Biomass Power Plant
Leo Group have been investing in research and development for decades and one of the companies next major projects is a Biomass Power Plant which will create numerous jobs at Kintore near Aberdeen.
A biomass plant uses renewable energy sources such as wood chippings and biodegradable waste. Energy is produced typically by using heat to convert the material into a chemical form.
Planning permission and a grid connection has been secured for a 10 megawatt Biomass Power Plant which will be generating enough electricity to power 15,000 homes.
Brian Maguire of Leo Group said “The power plant will generate electricity by using biomass fuel from the companies adjoining plant and UK facilities.... The proposed Biomass fuel source will have a similar calorific value to coal but without the damaging green house gases. The new plant will contribute to the Scottish Governments target for producing 80% of its energy from renewable sources by 2020.”
Energy using wind power is gradually increasing year on year and is one of the cleanest methods of producing power.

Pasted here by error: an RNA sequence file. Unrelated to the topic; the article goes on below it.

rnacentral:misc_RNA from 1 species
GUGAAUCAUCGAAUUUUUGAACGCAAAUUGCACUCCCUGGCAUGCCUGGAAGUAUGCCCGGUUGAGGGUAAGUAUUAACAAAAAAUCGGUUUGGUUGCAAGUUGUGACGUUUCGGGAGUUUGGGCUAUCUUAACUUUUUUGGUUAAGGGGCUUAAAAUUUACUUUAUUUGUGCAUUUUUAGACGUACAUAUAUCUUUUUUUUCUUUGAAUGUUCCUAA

Estimated worldwide energy capacity from wind-farms at the end of 2009 was 159 GW (gigawatts). This had risen to 175 GW by mid-2010.
The process of anaerobic digestion occurs when oxygen is
removed from biodegradable waste material storage facilities; this forces them
to break down the material, creating methane and other gases.
Almost any biomass can be processed in AD; including food
waste, energy crops, crop residues, slurry and manure. AD can accept waste from
our homes, supermarkets, industry and farms, meaning less waste will go to
The treatment of biodegradable waste in this way also helps
to reduce the gas emitted by landfills into the atmosphere. By harnessing the
gasses produced through anaerobic digestion, it is possible to create
alternative fuels for power, thus helping to replace the use of fossil fuels.
The material left over at the end of the process is rich in nutrients so it can be used as fertiliser.
Through continued investment in the latest technology, we
are developing AD plants as a means of reducing not only our own carbon
footprint, but those of landfill sites across the UK.
According to the Renewable Energy Association, if all the UK's domestic food waste was processed by AD, it would generate enough electricity for 350 000 households.